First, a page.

How to Improve Posture
I get visits in the clinic from people
who don't have pain, but simply want to know how to improve posture
either in themselves or in their children. Do you feel like you
struggle to stay upright? Are your shoulders always pulling you
forward? Do you struggle to touch the floor because you have tight
hamstrings? Do you suffer from mid-back fatigue and burning? Most of us
are involved in occupations that involve work in front of us - sitting
at computers with our hips and knees bent, head and shoulders forward,
elbows bent and palms down. Alternatively we stand for long periods
with our hips forward, slouched often, working on something in front of
us. We tend to overuse some muscles and underuse others and this is
what causes postural problems. Maintaining proper posture can be a
struggle between the overused muscles and the underused phasic muscles.
are Some Muscles Tight and Others Weak?
are Upper Crossed and Lower Crossed Syndromes?
Can We Use this to Improve Stretching?
is that poor motor control causes poor movement patterning and
imbalance between phasic muscles and tonic muscles. Phasic muscles are
those that have a tendency to become weak and inhibited under
conditions such as those listed above. These phasic muscles typically
work eccentrically against gravity. We can improve posture by
increasing activity in these phasic muscles.
This theory of phasic versus tonic muscles was first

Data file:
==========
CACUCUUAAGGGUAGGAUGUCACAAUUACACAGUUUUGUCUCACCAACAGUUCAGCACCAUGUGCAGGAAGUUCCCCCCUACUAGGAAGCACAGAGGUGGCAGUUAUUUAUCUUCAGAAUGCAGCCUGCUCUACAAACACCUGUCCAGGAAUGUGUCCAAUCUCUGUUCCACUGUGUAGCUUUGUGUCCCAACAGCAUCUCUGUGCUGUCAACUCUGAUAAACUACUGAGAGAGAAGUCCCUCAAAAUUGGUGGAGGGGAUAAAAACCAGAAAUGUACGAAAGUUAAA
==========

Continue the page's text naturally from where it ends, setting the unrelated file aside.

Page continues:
introduced to the medical community in 1979. Dr Janda, a Czech
physician pursued his interest in physiotherapy after he finished
medical school and was one of the first medical doctors to work in the
field of physical medicine and rehabilitation. His theories on muscle
imbalance and pain syndromes are used worldwide by physical therapists
and physiatrists. He identified muscles that are prone to becoming
tight, and short, and other muscles that are prone to becoming weak or
inhibited by pain, stress, poor positioning, etc.
His tonic muscles are those that are involved in repetitive
activities and are dominant in a child shortly after birth. The phasic
muscles develop as the child works against gravity and become stronger
as the child's nervous system matures. In people that suffer
a stroke or cerebral palsy the flexor/tonic muscles dominate movement
suggesting that muscle imbalances may in part be due to central nervous
system influence - not just changes in the structure of the muscle and
shortening of connective tissues.
Weak Inhibited Phasic Muscles
||Deep Neck Flexors
Weak Inhibited Phasic Muscles
|Tensor Fascia Lata
requires a balance in activity of the phasic
and tonic muscles otherwise pain and instability results.
Muscle imbalances result in a predictable manner. Janda classified
these imbalances as "upper crossed syndrome" and "lower crossed
upper crossed syndrome involves facilitation of levator
scapulae, the upper fibres of trapezius, sternocleidomastoid, and
pectoral muscles, and inhibition of deep neck flexors,
serratus anterior, and lower fibres of trapezius. The lower crossed